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Nur Imroatun Sholihat

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17 Feb 2024

Jannabi and Lessons of Storytelling (Part 1): The “Landmark”

  • February 17, 2024
  • by Nur Imroatun Sholihat

source: Hyundai

Journalist: “Everyone’s talking about the driveway to the past. To when do you want to go back to if you could visit?”  

Choi Jung Hoon: “Hmmm. The moment I decided to become a singer?  My mom always had her compilation album in her car and listening to it…”

Recently, I stumbled upon a captivating collaboration project between Hyundai and Jannabi titled “Pony”. It's not often that an advertisement captures my attention so thoroughly. This particular ad isn't just something to skip through—it's one I find myself happily watching again and again. Among the many factors contributing to its standout appeal, storytelling undoubtedly takes the spotlight.

Have you heard that storytelling is the future of advertising? In this instance, Hyundai borrowed Jannabi’s profound storytelling skills in a package with the story itself.

Jannabi, a South Korean indie band, has gained widespread acclaim for their exceptional lyricism, nostalgic melodies, and musical finesse. Their raw authenticity has endeared them to audiences across generations, propelling them to commercial success that surpasses typical indie boundaries. They became a prominent name, headlined big festivals, topped music charts, won awards, and appeared on major TV programs --all while keeping full control over their artistry. Becoming an independent artist while gaining mainstream recognition, don't you think it is too good to be true?

No wonder, people were curious about the secret behind Jannabi’s triumph in getting the best of both worlds. Frontman Choi Jung Hoon credited his mother's influence for inspiring his career path as a singer-songwriter. Her enthusiasm for music shared through car rides with him, introduced him to influential musicians and shaped his artistic ideals. This piece of story clicked with the fact that Jannabi’s songs sound like “the music you heard in your parents’ car”. It makes all sense that the band’s tunes always feel warm, nostalgic, and unique yet somehow familiar (and humans love familiarity). Walking on top of Jannabi’s noteworthy popularity, it instantly became a well-known story among South Koreans.

Hyundai, recognizing the potency of this narrative, seized the opportunity to advertise in a unique way. They collaborated with Jung Hoon to create a song inspired by his memories of listening to his mom’s favorite tunes in her Hyundai car. The video beautifully depicted him being transported to 1975 in a classic Hyundai retracing her youthful passion for music, closing it with a seamless transition to the present-day Hyundai model he drives. It's a subtle yet powerful message highlighting Hyundai's enduring presence across generations. They implied that the manufacturer has served South Koreans for generations without even saying anything about it in the video.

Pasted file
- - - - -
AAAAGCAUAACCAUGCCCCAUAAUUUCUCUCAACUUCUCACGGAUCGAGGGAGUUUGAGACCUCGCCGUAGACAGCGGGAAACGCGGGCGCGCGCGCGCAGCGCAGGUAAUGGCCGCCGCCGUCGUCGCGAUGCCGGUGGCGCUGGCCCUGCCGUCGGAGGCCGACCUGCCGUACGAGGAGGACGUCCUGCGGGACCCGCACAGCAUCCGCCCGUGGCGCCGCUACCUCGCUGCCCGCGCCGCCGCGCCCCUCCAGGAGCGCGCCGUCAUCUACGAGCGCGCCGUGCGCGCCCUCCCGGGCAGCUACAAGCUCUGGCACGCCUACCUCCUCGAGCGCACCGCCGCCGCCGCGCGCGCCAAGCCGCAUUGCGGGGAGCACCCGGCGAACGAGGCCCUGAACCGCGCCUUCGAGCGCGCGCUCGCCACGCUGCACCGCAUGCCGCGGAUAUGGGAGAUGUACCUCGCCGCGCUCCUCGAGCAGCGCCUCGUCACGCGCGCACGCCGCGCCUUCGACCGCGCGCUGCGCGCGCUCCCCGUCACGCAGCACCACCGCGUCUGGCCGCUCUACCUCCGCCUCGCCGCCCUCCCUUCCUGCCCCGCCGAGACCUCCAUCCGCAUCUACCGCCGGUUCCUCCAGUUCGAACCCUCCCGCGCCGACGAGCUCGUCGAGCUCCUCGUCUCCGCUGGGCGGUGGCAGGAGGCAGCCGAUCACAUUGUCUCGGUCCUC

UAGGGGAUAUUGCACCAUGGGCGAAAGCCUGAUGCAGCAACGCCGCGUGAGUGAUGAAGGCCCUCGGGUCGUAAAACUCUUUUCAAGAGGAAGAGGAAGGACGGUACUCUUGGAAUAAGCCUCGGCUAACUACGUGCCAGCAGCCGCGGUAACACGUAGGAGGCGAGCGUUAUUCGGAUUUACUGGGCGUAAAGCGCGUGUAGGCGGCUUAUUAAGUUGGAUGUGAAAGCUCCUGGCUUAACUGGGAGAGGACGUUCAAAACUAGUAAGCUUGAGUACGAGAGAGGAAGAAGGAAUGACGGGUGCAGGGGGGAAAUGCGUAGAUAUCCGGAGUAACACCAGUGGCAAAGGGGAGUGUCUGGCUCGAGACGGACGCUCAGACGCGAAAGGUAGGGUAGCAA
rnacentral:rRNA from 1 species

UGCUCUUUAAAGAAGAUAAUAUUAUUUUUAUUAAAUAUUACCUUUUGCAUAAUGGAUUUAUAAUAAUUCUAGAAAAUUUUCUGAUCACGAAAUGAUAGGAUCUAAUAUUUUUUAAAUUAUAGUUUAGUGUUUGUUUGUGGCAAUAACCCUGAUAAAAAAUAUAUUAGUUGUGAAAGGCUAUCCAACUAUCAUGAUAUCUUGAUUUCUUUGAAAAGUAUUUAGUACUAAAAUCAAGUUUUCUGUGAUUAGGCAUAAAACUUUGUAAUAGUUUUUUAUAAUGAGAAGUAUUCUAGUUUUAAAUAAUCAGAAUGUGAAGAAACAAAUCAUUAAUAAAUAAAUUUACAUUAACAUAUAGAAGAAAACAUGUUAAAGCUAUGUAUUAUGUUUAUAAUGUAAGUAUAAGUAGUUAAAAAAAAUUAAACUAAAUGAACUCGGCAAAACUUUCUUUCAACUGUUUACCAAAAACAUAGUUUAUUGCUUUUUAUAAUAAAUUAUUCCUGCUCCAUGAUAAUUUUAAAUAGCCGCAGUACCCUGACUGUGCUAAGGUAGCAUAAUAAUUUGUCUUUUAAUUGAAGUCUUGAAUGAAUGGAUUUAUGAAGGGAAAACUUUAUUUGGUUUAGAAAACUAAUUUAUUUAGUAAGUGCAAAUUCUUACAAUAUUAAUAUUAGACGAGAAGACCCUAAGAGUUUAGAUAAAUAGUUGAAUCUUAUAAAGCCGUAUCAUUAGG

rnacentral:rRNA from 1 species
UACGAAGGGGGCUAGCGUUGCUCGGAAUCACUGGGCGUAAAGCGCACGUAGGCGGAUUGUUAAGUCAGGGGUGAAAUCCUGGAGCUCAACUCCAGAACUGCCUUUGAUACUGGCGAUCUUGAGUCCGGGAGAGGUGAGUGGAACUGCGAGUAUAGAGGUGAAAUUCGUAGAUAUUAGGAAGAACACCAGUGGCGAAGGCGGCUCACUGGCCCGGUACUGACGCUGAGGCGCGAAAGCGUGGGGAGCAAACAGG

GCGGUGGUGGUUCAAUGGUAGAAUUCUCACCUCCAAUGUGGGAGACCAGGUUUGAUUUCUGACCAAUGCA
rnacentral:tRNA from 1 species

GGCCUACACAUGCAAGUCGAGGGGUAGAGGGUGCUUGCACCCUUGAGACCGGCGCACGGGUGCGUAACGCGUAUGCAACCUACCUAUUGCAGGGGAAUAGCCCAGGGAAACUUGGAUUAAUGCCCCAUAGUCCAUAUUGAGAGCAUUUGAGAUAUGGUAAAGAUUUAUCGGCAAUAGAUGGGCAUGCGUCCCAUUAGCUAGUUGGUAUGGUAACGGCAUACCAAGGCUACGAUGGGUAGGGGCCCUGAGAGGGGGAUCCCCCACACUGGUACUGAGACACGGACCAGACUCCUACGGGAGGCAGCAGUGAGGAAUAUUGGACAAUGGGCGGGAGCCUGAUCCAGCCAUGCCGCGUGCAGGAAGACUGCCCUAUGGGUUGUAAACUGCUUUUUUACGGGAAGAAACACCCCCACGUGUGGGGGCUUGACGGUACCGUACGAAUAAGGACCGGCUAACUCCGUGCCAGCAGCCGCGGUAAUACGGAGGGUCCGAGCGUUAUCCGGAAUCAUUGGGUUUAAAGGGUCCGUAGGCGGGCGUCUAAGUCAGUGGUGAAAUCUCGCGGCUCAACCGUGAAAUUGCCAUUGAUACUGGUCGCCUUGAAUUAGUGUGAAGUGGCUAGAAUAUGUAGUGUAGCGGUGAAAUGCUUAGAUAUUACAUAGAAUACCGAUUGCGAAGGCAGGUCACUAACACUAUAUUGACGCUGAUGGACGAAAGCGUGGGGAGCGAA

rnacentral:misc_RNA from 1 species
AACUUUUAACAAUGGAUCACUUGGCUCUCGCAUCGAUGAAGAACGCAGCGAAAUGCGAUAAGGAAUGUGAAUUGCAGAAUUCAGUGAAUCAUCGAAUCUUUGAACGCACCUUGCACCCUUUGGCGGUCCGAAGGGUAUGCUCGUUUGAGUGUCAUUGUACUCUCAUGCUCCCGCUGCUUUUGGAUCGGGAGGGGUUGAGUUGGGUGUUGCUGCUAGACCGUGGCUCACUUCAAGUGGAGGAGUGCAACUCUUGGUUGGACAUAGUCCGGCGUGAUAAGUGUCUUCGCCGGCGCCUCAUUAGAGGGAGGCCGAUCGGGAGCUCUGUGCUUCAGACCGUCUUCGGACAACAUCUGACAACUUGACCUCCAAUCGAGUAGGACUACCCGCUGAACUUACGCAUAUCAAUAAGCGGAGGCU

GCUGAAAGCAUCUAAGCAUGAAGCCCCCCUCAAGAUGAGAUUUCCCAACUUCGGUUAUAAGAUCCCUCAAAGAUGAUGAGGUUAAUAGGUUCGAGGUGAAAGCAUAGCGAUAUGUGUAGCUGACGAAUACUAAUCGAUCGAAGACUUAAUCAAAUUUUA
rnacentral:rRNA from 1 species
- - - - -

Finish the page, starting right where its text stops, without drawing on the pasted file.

Through Jannabi's vivid storytelling and heartfelt expressions, listeners find themselves drawn into narratives that resonate on a deeply personal level. The song tapped into shared experiences and emotions of sitting as a passenger in their parents’ cars. The lyrics allowed listeners to empathize with the joy of youth, passion for something, and the dear memories of their parents. This is why storytelling will always win against any advertising methods. It evokes emotions that resonate with audiences, encouraging the listeners to reflect on their own experiences and relationships.


Heath and Starr in their book “Making Numbers Count” called it a “landmark”--where we leverage existing well-known information to create our narratives. As people already knew this “landmark”, it would be easier to take people on the journey. In this case, as the story of how Jung Hoon’s mom shaped her son's career was popular among the people, it served as the landmark that brought people into the narratives Hyundai wanted to create. This is a powerful move that I, as a storytelling enthusiast, must applaud.

In a world packed with advertisements competing for our attention, only the ones that touch our hearts and souls endure. Hyundai has leveraged Jung Hoon's stories about his passion for music and his bond with his mom which are potentially the collective stories of many people. The story belonged to many people and as an implication, it created an "unconscious" sense of belonging to Hyundai.

To conclude, the shift from product-centric advertising to narrative-driven storytelling has fundamentally changed the way brands connect with consumers. Because at the end of the day, stories are the things we remember, cherish, and share the most. They will stay forever with us. I meant, you still remember the fable or fairytale you heard as a kid, right? Those stories will forever etched in our minds, even without us trying. Those are the "landmarks" we all dearly keep in our hearts.

The "I Want to Touch People's Souls Like Jannabi's Songs", 



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